Happy Halloween! The gals of 287 Evergreen had quite a festive weekend. Saturday night Allison and I planned a pumpkin beer/cider tasting to have before we went to a Halloween party. The standouts on the list were Downeast’s Pumpkin Blend and the Evil Twin/Two Roads Pachamama. Pachamama is a porter brewed with sweet potatoes, purple mais, and chili peppers. It has a nice sweet potato/coffee aroma, and then the flavor is roasty, chocolatey, and slightly spicy from the peppers. So good!
I was most excited about Flying Dog’s Gourd Standard, which is described as a pumpkin IPA. It isn’t a bad beer, but I didn’t really think it tasted like an IPA. It reminded me a lot of the Pumking actually–pumpkiny, slightly sweet, and boozy on the finish.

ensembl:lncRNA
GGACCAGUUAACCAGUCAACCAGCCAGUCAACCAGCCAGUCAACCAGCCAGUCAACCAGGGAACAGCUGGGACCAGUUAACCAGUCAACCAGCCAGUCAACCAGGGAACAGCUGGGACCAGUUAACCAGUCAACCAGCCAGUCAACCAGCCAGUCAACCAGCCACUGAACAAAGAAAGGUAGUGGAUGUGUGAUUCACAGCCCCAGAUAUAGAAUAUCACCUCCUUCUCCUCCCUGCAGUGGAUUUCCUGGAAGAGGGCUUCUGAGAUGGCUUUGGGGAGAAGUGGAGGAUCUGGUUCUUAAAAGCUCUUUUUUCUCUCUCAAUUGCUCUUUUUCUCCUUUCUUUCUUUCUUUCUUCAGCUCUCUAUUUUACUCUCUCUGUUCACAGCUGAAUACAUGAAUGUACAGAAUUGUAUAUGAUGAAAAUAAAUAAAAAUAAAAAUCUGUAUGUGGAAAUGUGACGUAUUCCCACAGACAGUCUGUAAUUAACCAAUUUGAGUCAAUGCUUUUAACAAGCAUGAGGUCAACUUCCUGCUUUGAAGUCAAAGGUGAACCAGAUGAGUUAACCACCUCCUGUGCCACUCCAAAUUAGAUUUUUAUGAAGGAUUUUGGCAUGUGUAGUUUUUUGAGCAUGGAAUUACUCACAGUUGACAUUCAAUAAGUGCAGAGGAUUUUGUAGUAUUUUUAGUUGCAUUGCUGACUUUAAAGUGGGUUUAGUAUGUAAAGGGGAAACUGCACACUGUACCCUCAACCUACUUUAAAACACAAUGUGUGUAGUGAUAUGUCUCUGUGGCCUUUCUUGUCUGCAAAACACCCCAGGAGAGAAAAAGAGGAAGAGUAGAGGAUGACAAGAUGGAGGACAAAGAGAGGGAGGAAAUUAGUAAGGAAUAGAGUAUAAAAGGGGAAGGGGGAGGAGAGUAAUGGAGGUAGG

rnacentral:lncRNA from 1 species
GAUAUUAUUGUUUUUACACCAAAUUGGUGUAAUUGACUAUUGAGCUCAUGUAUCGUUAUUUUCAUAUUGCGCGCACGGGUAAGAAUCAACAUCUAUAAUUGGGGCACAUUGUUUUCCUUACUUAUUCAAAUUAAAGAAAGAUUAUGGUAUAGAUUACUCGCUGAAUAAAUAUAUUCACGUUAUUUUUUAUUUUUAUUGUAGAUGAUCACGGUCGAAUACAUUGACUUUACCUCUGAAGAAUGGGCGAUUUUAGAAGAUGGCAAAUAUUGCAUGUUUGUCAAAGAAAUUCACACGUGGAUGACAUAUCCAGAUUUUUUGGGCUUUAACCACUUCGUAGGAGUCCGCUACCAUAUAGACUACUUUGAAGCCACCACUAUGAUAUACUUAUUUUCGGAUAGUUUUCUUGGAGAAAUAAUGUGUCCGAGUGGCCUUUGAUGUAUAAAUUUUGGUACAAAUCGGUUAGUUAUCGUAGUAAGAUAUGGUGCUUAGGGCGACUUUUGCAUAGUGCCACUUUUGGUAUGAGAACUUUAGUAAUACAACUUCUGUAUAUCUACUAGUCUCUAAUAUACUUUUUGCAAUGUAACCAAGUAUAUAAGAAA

Sunday we spent the day recuperating and watching Stranger Things! Have you seen it? We were a little late to the game, but once we started we couldn’t stop. Perfect spooky show for Halloween weekend! How are you guys celebrating the holiday? Any pumpkin beers in your fridges? Making yourselves sick on candy corn? 😉 Tell us, tell us!
Hey there, folks! It’s your old pal Maddy. You may remember me from less well written posts from like…a year ago…I know, I know…I’m the lazy sister. Anywho, we’re gathered here today to discuss a delish beer tasting held in honor of Rach!
The addition of orange results in a tart, pulpy, orange juice flavor that was both highly drinkable and very enjoyable. My Dad described it as zippy, and I think that’s spot on. It’s bright and slightly salty. Also, look at the little Kanye flare button. Adorbs!